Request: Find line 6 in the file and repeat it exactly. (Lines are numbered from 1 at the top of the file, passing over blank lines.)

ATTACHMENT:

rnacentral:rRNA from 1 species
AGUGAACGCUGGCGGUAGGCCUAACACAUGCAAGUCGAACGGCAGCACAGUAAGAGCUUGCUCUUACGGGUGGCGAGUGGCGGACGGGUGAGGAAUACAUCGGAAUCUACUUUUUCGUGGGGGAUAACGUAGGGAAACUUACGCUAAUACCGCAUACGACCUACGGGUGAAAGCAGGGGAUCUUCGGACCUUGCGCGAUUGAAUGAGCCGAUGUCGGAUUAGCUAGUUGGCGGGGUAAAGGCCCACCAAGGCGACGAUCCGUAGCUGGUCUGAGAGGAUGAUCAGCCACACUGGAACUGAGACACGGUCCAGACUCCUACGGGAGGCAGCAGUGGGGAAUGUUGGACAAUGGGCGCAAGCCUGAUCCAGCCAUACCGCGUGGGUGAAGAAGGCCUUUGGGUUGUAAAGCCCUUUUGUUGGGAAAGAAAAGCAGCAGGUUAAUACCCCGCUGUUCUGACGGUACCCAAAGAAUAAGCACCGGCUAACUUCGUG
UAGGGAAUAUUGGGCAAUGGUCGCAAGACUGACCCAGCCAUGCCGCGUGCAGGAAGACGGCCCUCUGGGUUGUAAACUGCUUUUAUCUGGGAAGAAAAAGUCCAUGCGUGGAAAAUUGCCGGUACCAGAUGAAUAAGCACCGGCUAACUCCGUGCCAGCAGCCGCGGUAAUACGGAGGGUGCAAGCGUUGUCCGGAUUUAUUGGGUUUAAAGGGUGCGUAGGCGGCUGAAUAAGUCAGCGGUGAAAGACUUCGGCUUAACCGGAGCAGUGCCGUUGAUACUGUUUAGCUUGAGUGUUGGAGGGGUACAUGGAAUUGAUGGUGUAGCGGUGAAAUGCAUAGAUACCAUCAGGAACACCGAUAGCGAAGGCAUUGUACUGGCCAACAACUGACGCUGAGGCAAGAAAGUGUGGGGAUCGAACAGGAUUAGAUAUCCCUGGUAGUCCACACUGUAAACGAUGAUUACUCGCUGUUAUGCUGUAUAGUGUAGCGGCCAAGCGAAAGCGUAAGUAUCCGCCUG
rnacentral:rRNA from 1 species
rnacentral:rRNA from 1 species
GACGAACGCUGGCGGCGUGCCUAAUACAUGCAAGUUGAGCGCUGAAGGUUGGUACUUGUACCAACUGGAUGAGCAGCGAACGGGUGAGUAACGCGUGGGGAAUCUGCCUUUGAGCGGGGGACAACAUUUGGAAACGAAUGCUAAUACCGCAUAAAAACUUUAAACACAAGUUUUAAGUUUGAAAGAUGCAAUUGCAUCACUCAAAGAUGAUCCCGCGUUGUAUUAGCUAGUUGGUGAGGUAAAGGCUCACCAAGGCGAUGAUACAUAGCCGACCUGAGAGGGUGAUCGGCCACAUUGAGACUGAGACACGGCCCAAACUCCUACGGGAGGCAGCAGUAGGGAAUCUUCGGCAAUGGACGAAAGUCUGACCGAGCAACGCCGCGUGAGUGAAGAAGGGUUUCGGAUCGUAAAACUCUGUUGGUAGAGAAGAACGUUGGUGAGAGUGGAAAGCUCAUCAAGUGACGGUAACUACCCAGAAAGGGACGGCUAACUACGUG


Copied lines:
GACGAACGCUGGCGGCGUGCCUAAUACAUGCAAGUUGAGCGCUGAAGGUUGGUACUUGUACCAACUGGAUGAGCAGCGAACGGGUGAGUAACGCGUGGGGAAUCUGCCUUUGAGCGGGGGACAACAUUUGGAAACGAAUGCUAAUACCGCAUAAAAACUUUAAACACAAGUUUUAAGUUUGAAAGAUGCAAUUGCAUCACUCAAAGAUGAUCCCGCGUUGUAUUAGCUAGUUGGUGAGGUAAAGGCUCACCAAGGCGAUGAUACAUAGCCGACCUGAGAGGGUGAUCGGCCACAUUGAGACUGAGACACGGCCCAAACUCCUACGGGAGGCAGCAGUAGGGAAUCUUCGGCAAUGGACGAAAGUCUGACCGAGCAACGCCGCGUGAGUGAAGAAGGGUUUCGGAUCGUAAAACUCUGUUGGUAGAGAAGAACGUUGGUGAGAGUGGAAAGCUCAUCAAGUGACGGUAACUACCCAGAAAGGGACGGCUAACUACGUG